Content on Current is about topics ranging from technology, fashion, music and videogames, to the environment, relationships, spirituality, politics, finance, and parenting... subjects not easily found on mainstream TV channels.
Announced since early April this year, Current is finally launching with a enthusiastic team of executives.
Behind Current TV is former US vice-president and presidential candidate Al Gore and entrepreneur Joel Hyatt.
"In May 2004, Current laid the foundation for its national presence when the company’s founders acquired Newsworld International (NWI), a 24-hour channel dedicated to global news produced by The Canadian Broadcasting Corporation. With its launch on August 1, 2005, Current builds on the former network’s reach into nearly 20 million subscriber households in the U.S. via DirecTV’s basic digital tier, Time Warner Cable’s basic tier, and Comcast systems in key markets."
The channel will rely for much of its content on submissions, both raw and edited, from viewers. They will also be given an opportunity to choose whether certain videos deserve to be aired on Current by voting through its Web site creating a continuous enabling loop between the traditional delivery channel and the new emerging Internet Television experience.
Among the most interesting aspects of Current is its apparent broad open-mindedness about how a new kind of quality grassroots television channel can be created.
The video content available is indeed first-quality, interesting and engaging and I frankly would not know wat to recommend among the many interesting video clips I have already been watching while studying Current.
Even for what it relates to its own business model, Current may be exploring and breaking new grounds in directions few if any have taken any steps so far.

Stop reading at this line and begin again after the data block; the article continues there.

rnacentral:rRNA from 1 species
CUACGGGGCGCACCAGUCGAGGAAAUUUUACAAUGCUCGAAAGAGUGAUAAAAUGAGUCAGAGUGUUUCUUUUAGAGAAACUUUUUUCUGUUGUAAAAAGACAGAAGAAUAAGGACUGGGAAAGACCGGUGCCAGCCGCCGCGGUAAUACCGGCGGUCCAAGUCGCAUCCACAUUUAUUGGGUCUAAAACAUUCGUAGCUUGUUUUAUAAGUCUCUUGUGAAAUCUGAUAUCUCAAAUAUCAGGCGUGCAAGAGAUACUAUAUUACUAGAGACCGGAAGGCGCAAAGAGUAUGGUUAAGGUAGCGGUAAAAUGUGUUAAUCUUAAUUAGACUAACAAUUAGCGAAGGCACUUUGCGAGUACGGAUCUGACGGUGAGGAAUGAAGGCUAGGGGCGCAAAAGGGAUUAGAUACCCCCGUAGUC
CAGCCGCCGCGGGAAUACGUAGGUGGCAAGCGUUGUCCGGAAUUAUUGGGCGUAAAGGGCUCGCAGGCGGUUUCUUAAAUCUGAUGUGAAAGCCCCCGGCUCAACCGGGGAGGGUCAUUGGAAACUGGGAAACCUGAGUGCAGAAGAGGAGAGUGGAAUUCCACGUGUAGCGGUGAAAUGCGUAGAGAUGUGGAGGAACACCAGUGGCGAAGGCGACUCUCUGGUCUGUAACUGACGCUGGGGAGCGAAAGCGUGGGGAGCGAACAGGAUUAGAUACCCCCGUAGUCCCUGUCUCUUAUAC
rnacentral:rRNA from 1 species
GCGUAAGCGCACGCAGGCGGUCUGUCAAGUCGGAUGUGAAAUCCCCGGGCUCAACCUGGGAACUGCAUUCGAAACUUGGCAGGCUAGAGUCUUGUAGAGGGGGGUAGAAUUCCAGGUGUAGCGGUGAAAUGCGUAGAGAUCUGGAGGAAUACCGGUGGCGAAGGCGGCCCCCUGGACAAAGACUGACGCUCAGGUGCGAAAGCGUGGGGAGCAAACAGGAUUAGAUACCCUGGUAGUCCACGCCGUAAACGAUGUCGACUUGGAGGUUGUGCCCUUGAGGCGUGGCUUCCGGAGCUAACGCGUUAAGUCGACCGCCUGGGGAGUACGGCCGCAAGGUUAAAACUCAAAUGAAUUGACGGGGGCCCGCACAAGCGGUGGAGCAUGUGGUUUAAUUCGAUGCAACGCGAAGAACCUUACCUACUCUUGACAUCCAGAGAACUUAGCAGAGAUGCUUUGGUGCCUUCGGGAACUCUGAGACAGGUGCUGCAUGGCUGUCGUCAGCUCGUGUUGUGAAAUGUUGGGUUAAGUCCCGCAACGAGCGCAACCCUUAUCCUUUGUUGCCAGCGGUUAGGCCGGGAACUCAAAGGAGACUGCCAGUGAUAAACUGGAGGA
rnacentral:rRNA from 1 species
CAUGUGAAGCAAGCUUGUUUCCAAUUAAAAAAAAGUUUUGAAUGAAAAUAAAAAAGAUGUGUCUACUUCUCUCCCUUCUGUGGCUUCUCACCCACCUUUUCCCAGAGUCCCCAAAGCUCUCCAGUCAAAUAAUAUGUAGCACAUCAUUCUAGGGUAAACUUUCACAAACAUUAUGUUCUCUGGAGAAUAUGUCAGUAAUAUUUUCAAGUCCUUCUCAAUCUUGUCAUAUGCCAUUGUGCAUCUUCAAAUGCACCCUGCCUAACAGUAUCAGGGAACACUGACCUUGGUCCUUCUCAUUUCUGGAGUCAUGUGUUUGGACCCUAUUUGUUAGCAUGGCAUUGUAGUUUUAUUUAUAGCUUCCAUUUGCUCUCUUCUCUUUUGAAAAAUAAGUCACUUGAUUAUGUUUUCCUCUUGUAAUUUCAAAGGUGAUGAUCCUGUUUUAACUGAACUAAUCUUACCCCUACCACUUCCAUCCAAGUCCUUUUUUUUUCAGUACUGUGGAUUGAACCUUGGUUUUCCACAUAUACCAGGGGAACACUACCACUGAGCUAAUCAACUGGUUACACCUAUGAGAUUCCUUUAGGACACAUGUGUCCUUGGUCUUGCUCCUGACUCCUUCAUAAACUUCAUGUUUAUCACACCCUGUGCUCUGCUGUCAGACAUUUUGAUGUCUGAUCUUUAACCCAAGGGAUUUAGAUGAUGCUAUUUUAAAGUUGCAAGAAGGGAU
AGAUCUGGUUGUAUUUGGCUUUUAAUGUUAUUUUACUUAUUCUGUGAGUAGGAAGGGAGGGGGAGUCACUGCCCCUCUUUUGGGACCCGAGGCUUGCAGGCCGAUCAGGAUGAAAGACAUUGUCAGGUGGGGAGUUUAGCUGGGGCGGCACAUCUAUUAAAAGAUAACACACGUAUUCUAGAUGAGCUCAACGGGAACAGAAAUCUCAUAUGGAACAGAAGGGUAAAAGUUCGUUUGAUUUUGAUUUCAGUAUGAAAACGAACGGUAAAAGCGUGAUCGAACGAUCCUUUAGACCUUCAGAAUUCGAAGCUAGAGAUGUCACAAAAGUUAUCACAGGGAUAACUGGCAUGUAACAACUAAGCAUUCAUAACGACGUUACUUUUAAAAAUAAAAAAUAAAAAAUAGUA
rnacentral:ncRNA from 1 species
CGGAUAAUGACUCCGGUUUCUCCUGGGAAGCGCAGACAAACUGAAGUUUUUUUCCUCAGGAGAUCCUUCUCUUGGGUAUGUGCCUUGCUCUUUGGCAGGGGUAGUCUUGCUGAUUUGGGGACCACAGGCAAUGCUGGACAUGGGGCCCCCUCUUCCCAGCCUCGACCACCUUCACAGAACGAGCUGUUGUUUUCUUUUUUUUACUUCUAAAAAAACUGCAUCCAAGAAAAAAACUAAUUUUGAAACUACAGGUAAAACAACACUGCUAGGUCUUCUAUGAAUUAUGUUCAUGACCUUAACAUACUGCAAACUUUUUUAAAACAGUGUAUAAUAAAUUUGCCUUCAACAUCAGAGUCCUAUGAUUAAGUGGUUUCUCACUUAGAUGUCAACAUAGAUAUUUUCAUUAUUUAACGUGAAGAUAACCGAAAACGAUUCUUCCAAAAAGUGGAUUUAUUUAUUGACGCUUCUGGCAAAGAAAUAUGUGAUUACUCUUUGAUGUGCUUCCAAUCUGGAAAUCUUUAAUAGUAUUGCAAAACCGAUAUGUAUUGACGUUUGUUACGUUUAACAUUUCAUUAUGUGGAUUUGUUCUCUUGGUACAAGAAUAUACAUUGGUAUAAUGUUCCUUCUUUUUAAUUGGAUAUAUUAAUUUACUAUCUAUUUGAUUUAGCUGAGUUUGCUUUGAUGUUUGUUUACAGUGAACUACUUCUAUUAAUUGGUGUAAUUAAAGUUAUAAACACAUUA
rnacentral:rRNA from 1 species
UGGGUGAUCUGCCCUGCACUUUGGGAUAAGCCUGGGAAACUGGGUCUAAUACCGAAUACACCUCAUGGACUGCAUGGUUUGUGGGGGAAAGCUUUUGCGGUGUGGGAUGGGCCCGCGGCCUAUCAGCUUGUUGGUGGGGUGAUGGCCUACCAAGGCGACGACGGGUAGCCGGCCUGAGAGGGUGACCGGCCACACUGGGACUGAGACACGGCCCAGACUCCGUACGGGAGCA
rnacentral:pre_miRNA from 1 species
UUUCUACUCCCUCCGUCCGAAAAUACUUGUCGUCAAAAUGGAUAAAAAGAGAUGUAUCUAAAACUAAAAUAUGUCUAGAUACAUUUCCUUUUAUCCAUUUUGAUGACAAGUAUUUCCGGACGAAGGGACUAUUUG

Viewer-created ads maybe one, and in my opinion this IS going to be the most sweeping change in marketing and advertising promotion to happen in a while. I in fact like it, want it and think it is the very best way to go to move out of the fake, glamorous and overhyped messages still sent out via million-dollar TV ads.
Confirming that the proof is in the pudding, I was delighted and comforted in seeing listed among Current staff a name that I don't easily forget when it comes to "see" the future of media: Robin Sloan. Robin is the curator of Current online blog and among many other things the author of EPIC, one of the most fascinating future-exploring short clip I have ever seen (reviewed and transcribed here).
I invite you to explore Current TV on your own and to report and comment on what you will see.
I personally liked very much what I saw and would like to personally give my full support and endorsement to such a courageous effort to break away from traditional mainstream television.
This is a good first step in the right direction.
Current broadcasts its programming over satellite, cable and the Internet. RSS feeds of Current content programming is also available.
For people in the US wanting to tune-in on Current on their standard TV sets this is what to do:
On DirecTV "Total Choice” or channel 366.
On Time Warner Digital check channels 103 in New York City, 116 in LA. On Comcast in the San Francisco Bay Area, channel 125.
For more info, input your ZIP code into the box in the upper-right corner of the Current home page.
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N.B.: If you want to participate and contribute to Current news and views monitor what happens at the Current Studio. Though not easy to find this is the meeting point for all Current street reporters.